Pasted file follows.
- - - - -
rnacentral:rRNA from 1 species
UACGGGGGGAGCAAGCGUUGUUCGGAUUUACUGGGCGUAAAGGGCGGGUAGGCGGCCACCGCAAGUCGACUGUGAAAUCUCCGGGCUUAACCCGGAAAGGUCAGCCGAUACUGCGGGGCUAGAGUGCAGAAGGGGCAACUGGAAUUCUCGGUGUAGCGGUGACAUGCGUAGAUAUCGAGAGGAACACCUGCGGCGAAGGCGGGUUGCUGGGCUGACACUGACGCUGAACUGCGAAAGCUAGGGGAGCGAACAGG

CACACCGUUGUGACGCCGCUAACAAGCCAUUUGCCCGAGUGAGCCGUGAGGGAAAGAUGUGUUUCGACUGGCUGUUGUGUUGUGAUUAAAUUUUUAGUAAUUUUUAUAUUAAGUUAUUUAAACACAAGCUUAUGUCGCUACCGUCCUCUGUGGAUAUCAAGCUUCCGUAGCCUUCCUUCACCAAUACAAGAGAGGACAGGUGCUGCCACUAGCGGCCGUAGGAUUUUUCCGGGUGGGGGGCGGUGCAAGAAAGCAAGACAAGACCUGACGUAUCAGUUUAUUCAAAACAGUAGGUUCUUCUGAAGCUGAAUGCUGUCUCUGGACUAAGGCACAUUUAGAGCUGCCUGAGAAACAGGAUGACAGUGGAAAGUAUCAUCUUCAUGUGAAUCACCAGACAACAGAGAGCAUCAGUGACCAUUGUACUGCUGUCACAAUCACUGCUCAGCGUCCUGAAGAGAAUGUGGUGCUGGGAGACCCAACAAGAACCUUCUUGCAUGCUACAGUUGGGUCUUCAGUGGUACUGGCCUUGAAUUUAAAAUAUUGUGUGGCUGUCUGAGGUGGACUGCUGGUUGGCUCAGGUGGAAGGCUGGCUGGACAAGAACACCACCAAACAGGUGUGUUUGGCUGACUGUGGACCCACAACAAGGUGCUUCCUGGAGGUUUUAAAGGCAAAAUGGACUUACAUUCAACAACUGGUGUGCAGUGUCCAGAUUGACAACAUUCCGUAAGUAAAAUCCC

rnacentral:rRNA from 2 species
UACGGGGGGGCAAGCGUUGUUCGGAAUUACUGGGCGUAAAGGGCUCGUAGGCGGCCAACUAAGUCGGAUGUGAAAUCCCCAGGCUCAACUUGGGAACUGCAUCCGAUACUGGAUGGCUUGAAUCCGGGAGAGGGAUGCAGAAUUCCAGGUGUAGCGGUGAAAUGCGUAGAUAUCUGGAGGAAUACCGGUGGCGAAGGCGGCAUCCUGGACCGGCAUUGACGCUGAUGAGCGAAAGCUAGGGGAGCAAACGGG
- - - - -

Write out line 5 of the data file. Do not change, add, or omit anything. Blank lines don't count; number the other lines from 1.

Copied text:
UACGGGGGGGCAAGCGUUGUUCGGAAUUACUGGGCGUAAAGGGCUCGUAGGCGGCCAACUAAGUCGGAUGUGAAAUCCCCAGGCUCAACUUGGGAACUGCAUCCGAUACUGGAUGGCUUGAAUCCGGGAGAGGGAUGCAGAAUUCCAGGUGUAGCGGUGAAAUGCGUAGAUAUCUGGAGGAAUACCGGUGGCGAAGGCGGCAUCCUGGACCGGCAUUGACGCUGAUGAGCGAAAGCUAGGGGAGCAAACGGG